NDY SPIELMAN A D M I T S HE WAS not the obvious candidate for the job. An entomologist and a member of the School's prestigious tropica! public health department for 1 4 years, he had built his career primarily on mosquito research. Babesiosis, it was well known, was spread by ticks. To the casual bug a voider, the difference between insect and a r t h r o p o d might seem slight, but scientifically speaking they are worlds apart. But when Spielman's friend, George Healy, a researcher at the Centers for Disease Control helped diagnose a second case of human babesiosis on


M o r M f y a n d Morfa//fy Wee/;/y Report reports outbreak of rare,tetha! pneumonia among gay men in Los Angeles, California.-The first report on w h a t will eventually be called AIDS.

Ronald Reagan succeeds Jimmy Carter as 40th President of the United States.

Immunologist John David succeeds Nobel Laureate Thomas Weller as chair of the Department of Tropical Public Health. David will hold the chairmanship for 15 years.

Nantucket in 1 9 7 3 , Spielman was intrigued. Although a handful of human cases had been reported worldwide, babesiosis was known, for the most part, as an animal disease. Here was a chance to tackle a Problem that was scientifically entic'ng and perhaps of major public health significance. Over the next several years, Spielman would throw off conventional wisdom and become one of the world's foremost authorities on tickhorne diseases and the environmental forces that shape them. His research solved the puzzle of babesiosis on Nantucket. He identified a new species of tick, J x o J e s &7f7WM7n', which is responsible not only for the emergence of babesiosis in the United States, but for a whole new group of t'ck-borne diseases, the best known which is Lyme disease. Sam Telford III, a young colleague in Spielman's lab, identified a third tickorne pathogen three years ago and as a paper in the works that will hnger a fourth. And Telford and Spielman have recently played a key role m the preliminary testing of a yme disease vaccine. Yet Spielman says to marvel at how chance favored a Harvard mosquito expert with such a Productive career as a tick ^searcher is to misunderstand his Particular brand of research and peraps public health research more Orally. "T am not a mosquito specialist. 1 am not a tick specialist. I am a transf u s i o n specialist," says Spielman. " I ^ interested m the etiology and rnode of transmission of vector-borne A c t i o n s . That is what public health h o m o l o g y is all about."

Profe ^ Director David Bell appointed Gamble H e a l t h ' ' " P o t i o n Sciences and International Sadies? ^ Department of Population ford F ^ ^ d been executive vice-president of the " N a t i o n ' s International Division.

H O O K I N G BACK N O W , SPIELMAN L i says with a broad smile and laugh that " G o d , 1 had no idea what I was doing" as he boarded the ferry for Nantucket one chilly morning in the fall of 1 9 7 3 for the first of many times. But actually, Spielman did know a good deal. For starters, because of Healy's brilliant ant diagnostic skills, he knew he was dealing with a protozoan called Ba^esM, a blobby, single-celled parasite that comes in 70 or so different varieties. It was no coincidence that the Nantucket index case was initially misdiagnosed as malaria. The periodic shaking chills and drenching sweats of malaria are very much the same as in babesiosis. And the underlying parasites of the two diseases have the same nasty habit of destroying red blood-cells. But unlike malaria, babesiosis had been known mainly as a disease of animals, primarily cattle. In fact, almost a century earlier, legendary Harvard researcher Theobald Smith had made the watershed discovery that a protozoan (now known as Babesia bigemina) could cause disease in a warm-blooded animal and be spread by an arthropod (the Boophilus cattle tick) while investigating a cattle disease in Texas. [Smith was a faculty member for about 2.0 years in the Comparative Pathology Department at Harvard Medical School, which later divided into the School's Department of Tropical Public Health and the medical school's Department of Pathology.] Because of Smith's discoveries, and other work that followed, Spielman could be reasonably sure that a tick was the culprit behind on Nantucket.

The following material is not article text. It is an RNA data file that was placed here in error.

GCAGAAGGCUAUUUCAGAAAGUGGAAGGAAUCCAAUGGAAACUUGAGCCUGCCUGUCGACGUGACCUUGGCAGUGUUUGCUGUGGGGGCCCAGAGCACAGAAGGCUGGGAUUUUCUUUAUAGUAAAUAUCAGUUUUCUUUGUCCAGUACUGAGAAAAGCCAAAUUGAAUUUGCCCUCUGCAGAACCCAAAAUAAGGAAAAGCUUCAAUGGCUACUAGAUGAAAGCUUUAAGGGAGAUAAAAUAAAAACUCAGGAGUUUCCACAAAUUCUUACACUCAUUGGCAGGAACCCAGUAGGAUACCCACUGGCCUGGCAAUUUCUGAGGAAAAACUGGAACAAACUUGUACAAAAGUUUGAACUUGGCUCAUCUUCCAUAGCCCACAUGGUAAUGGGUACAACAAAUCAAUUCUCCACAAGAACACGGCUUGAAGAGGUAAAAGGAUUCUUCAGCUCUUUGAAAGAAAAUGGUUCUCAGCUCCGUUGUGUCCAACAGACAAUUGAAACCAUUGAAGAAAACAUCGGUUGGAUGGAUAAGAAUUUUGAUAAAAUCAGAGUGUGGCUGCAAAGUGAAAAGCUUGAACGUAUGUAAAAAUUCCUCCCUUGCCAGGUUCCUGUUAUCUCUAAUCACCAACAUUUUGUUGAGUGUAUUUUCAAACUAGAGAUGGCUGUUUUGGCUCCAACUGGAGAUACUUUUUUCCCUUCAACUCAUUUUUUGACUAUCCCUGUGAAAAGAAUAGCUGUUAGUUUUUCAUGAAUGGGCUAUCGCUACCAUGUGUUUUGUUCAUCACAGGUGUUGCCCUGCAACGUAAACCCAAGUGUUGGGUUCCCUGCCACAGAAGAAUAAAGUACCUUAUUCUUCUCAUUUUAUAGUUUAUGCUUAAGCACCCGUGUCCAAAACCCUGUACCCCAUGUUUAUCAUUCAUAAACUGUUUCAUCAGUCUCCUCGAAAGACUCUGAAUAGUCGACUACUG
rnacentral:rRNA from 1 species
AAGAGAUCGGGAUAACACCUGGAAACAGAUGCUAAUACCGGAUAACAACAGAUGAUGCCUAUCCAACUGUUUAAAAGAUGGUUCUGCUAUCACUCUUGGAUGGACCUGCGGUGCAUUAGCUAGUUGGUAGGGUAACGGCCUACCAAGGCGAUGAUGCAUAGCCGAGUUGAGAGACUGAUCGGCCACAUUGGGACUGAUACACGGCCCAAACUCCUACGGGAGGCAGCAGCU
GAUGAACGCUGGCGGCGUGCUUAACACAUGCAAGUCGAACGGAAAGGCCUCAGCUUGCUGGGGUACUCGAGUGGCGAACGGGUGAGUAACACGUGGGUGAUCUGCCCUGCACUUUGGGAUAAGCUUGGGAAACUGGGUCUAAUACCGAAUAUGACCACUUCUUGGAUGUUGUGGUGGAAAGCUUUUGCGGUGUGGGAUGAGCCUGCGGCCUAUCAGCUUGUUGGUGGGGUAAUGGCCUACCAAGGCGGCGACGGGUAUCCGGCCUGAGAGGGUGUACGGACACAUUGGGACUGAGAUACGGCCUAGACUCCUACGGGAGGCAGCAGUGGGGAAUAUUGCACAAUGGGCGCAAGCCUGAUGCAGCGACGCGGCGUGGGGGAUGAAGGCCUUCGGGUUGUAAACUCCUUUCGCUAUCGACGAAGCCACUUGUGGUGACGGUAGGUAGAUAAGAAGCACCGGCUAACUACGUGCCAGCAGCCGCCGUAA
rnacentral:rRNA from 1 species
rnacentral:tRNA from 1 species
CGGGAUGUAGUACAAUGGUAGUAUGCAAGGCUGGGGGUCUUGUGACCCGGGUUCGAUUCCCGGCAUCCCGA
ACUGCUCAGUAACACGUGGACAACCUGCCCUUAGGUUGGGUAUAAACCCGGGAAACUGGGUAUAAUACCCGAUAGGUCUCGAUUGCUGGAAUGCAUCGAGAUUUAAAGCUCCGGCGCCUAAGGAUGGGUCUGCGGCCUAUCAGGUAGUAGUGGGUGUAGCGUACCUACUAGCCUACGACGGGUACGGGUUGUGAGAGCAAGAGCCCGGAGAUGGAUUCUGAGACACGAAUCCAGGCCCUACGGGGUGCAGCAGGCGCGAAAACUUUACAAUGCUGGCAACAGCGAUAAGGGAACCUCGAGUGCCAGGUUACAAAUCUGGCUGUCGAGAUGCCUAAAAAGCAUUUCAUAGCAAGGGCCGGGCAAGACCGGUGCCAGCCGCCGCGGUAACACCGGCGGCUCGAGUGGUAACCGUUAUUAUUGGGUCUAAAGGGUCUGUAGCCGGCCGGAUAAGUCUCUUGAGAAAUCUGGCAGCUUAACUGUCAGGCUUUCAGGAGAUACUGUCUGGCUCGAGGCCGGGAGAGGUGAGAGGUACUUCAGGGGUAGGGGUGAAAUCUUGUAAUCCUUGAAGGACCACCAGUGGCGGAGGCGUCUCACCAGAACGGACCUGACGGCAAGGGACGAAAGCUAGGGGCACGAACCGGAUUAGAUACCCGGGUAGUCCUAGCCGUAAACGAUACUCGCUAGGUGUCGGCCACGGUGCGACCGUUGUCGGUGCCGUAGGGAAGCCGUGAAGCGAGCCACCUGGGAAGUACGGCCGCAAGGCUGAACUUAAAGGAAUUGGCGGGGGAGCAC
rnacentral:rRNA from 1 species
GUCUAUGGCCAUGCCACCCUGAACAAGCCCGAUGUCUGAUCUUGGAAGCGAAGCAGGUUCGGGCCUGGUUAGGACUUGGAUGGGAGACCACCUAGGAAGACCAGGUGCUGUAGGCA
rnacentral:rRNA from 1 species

Another important piece of historical evidence that Spielman had in mind as the ferry churned across Nantucket Sound was that the ticks would probably have a hearty appetite for rodent blood. In 1 9 3 8 , Ernest Tyzzer, who succeeded Smith as Harvard's George Fabyan Professor of Comparative Pathology, published a rather obscure paper in P(?r<3S3Yo/ogy that mentions a B^&esM infection of voles (a mouse-like creature) on Martha's Vineyard, an island near Nantucket and another treasured vacation spot. Moreover, his detailed drawings showed that the kind of that Tyzzer found in the voles on Martha's Vineyard looked to be very similar to the Babesia making people sick on Nantucket. Tyzzer was something of a misanthrope, according to Spielman, but his quirky personality paid scientific dividends as he pursued an interest in animal diseases. Spielman says he knew about Tyzzer's paper " f r o m w a y back." "There was a collection of old departmental papers and reprints in our lunchroom at that time," he explains. "While I was in there having lunch, if there was nobody else around, I would look at those old papers just out of curiosity." So from Smith, Spielman knew he would be dealing with ticks. From Tyzzer, he had the clue that rodents would be involved. Spielman headed out to Nantucket not only with mouse traps, but with bulky raccoon traps that he had cadged from Massachusetts's eastern equine encephalitis research station. His research assistants were not seasoned held biologists but a slightly jit-